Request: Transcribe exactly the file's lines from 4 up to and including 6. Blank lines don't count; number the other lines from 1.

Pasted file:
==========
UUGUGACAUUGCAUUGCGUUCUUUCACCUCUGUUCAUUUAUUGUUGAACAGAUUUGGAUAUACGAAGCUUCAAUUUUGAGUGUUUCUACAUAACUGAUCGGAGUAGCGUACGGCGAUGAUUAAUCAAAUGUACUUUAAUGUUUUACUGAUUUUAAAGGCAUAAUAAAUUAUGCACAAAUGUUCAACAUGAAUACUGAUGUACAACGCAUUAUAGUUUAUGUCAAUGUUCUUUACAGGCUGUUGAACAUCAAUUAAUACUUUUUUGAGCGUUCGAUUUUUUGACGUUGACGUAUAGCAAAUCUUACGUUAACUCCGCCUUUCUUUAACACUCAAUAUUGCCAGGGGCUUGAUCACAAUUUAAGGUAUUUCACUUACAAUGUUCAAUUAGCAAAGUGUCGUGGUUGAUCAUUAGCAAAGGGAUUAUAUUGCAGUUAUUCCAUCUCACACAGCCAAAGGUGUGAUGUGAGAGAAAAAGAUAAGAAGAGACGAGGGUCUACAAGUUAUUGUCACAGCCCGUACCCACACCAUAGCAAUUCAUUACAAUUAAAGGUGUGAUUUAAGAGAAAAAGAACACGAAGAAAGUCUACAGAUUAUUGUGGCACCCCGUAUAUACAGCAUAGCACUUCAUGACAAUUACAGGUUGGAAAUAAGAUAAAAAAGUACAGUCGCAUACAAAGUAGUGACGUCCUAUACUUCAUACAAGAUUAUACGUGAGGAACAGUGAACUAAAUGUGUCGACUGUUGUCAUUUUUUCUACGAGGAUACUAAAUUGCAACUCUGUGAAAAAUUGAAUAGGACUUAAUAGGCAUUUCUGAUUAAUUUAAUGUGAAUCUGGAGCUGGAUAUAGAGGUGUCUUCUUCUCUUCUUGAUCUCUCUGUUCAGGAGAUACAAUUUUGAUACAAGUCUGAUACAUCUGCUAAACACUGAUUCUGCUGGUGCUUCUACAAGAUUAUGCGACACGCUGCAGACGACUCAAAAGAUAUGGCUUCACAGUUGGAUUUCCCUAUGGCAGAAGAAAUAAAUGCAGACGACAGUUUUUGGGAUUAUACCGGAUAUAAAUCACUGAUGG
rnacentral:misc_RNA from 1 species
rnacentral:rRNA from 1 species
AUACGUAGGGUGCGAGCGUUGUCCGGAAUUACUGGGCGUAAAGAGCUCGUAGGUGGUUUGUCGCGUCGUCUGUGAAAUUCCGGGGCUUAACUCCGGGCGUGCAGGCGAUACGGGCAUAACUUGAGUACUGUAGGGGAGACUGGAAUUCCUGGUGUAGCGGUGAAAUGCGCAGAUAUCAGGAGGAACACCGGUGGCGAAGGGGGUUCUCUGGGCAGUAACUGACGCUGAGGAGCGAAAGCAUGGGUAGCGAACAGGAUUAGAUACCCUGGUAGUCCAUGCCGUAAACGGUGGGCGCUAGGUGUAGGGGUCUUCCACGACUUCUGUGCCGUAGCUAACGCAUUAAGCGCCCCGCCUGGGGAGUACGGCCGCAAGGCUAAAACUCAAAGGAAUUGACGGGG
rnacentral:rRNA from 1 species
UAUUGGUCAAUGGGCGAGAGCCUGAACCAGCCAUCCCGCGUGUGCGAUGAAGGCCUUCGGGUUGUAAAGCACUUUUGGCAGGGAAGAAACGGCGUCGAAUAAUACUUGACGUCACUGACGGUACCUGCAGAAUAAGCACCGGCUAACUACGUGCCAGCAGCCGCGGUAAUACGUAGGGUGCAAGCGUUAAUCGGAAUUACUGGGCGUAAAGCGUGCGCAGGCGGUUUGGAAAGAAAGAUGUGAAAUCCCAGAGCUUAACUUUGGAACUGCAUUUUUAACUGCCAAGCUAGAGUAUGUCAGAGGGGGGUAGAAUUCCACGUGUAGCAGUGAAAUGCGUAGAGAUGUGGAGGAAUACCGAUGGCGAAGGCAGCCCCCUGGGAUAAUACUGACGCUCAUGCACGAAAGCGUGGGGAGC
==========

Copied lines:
AUACGUAGGGUGCGAGCGUUGUCCGGAAUUACUGGGCGUAAAGAGCUCGUAGGUGGUUUGUCGCGUCGUCUGUGAAAUUCCGGGGCUUAACUCCGGGCGUGCAGGCGAUACGGGCAUAACUUGAGUACUGUAGGGGAGACUGGAAUUCCUGGUGUAGCGGUGAAAUGCGCAGAUAUCAGGAGGAACACCGGUGGCGAAGGGGGUUCUCUGGGCAGUAACUGACGCUGAGGAGCGAAAGCAUGGGUAGCGAACAGGAUUAGAUACCCUGGUAGUCCAUGCCGUAAACGGUGGGCGCUAGGUGUAGGGGUCUUCCACGACUUCUGUGCCGUAGCUAACGCAUUAAGCGCCCCGCCUGGGGAGUACGGCCGCAAGGCUAAAACUCAAAGGAAUUGACGGGG
rnacentral:rRNA from 1 species
UAUUGGUCAAUGGGCGAGAGCCUGAACCAGCCAUCCCGCGUGUGCGAUGAAGGCCUUCGGGUUGUAAAGCACUUUUGGCAGGGAAGAAACGGCGUCGAAUAAUACUUGACGUCACUGACGGUACCUGCAGAAUAAGCACCGGCUAACUACGUGCCAGCAGCCGCGGUAAUACGUAGGGUGCAAGCGUUAAUCGGAAUUACUGGGCGUAAAGCGUGCGCAGGCGGUUUGGAAAGAAAGAUGUGAAAUCCCAGAGCUUAACUUUGGAACUGCAUUUUUAACUGCCAAGCUAGAGUAUGUCAGAGGGGGGUAGAAUUCCACGUGUAGCAGUGAAAUGCGUAGAGAUGUGGAGGAAUACCGAUGGCGAAGGCAGCCCCCUGGGAUAAUACUGACGCUCAUGCACGAAAGCGUGGGGAGC